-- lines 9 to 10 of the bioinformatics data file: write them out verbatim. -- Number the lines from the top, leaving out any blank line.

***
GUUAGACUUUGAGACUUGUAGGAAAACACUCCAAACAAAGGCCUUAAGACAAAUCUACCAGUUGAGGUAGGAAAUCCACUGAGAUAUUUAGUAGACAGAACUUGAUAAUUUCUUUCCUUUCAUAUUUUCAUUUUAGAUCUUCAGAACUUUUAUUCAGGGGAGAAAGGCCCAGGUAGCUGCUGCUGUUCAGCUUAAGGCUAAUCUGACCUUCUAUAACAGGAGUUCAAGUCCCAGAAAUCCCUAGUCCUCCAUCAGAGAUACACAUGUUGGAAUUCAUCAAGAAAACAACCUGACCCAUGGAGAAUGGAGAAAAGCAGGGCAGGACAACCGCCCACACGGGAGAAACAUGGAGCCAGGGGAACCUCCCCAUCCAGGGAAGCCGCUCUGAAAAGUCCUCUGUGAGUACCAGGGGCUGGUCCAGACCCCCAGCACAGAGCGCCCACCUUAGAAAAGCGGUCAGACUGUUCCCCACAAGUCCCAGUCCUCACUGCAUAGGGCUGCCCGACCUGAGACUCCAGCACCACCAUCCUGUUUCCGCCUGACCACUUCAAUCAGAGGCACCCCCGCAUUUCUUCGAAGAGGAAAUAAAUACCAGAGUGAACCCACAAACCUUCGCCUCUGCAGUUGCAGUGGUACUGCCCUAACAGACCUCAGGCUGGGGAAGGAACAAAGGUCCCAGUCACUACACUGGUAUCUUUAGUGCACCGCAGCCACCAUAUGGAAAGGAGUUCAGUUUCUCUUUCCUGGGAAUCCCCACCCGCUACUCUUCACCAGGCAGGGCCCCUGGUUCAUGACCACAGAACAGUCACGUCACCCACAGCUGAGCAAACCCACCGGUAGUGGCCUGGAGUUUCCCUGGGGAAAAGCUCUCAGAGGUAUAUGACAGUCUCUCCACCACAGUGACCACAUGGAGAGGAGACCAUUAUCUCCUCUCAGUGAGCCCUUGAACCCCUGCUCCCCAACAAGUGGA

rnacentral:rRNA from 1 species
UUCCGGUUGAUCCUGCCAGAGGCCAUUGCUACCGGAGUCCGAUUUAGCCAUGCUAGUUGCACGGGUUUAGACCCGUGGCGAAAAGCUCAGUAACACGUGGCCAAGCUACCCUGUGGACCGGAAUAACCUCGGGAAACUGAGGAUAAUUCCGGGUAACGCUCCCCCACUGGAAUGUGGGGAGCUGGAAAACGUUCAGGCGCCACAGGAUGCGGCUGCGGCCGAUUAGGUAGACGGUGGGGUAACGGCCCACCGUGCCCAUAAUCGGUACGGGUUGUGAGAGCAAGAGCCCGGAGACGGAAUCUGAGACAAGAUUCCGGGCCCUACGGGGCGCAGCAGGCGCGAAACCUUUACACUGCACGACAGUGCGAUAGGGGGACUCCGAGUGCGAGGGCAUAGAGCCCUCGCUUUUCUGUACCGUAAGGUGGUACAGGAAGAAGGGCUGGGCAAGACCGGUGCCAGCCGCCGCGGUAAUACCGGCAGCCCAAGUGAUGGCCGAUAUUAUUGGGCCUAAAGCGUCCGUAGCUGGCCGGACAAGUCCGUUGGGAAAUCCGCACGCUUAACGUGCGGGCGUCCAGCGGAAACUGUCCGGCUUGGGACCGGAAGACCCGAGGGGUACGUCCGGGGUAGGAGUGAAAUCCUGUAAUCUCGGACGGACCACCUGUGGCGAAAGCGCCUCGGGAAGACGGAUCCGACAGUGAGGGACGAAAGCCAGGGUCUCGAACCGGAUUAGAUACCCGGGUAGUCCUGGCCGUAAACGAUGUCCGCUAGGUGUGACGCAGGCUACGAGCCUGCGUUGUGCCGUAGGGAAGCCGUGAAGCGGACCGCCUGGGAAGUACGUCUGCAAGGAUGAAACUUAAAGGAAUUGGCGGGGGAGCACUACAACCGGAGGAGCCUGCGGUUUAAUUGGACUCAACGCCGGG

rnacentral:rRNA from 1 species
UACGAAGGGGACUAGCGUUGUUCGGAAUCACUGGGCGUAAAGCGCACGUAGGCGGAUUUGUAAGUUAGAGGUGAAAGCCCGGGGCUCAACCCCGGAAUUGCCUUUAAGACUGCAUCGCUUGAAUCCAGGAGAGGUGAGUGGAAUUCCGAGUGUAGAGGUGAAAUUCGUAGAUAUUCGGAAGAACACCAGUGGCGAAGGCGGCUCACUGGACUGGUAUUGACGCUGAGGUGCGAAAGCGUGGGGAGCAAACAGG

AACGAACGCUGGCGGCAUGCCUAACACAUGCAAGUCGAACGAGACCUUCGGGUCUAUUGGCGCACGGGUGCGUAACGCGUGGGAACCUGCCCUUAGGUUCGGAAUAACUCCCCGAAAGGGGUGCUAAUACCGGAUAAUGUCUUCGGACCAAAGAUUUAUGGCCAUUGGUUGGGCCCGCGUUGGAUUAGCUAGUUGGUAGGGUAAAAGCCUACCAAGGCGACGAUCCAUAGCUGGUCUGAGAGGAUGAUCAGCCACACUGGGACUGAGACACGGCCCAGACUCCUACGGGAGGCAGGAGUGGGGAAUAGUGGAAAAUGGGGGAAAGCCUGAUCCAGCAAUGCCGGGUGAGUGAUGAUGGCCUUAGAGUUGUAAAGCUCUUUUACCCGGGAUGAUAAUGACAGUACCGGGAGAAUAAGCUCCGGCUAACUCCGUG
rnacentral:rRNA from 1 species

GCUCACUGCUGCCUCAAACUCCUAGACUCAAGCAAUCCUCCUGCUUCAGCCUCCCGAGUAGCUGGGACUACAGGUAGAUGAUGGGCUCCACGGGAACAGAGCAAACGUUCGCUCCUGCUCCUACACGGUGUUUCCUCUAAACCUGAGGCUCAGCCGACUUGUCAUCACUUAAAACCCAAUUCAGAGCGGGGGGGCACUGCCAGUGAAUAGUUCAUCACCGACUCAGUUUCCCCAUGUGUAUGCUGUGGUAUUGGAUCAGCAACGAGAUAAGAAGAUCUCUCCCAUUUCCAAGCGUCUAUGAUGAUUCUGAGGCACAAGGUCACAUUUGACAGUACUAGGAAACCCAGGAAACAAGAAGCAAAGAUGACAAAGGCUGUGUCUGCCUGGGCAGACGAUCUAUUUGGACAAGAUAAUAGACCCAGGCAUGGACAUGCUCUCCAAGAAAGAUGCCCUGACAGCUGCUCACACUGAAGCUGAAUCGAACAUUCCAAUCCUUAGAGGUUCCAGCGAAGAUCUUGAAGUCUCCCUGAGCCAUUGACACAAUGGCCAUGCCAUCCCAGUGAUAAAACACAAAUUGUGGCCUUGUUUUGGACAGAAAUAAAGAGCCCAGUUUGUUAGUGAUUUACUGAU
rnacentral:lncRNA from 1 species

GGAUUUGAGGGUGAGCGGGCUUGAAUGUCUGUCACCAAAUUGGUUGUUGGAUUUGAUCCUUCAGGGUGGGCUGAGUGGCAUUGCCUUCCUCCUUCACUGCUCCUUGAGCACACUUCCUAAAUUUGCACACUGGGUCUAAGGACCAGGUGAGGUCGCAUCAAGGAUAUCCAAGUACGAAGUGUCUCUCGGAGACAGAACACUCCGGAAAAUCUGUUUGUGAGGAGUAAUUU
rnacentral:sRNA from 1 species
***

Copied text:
rnacentral:lncRNA from 1 species

GGAUUUGAGGGUGAGCGGGCUUGAAUGUCUGUCACCAAAUUGGUUGUUGGAUUUGAUCCUUCAGGGUGGGCUGAGUGGCAUUGCCUUCCUCCUUCACUGCUCCUUGAGCACACUUCCUAAAUUUGCACACUGGGUCUAAGGACCAGGUGAGGUCGCAUCAAGGAUAUCCAAGUACGAAGUGUCUCUCGGAGACAGAACACUCCGGAAAAUCUGUUUGUGAGGAGUAAUUU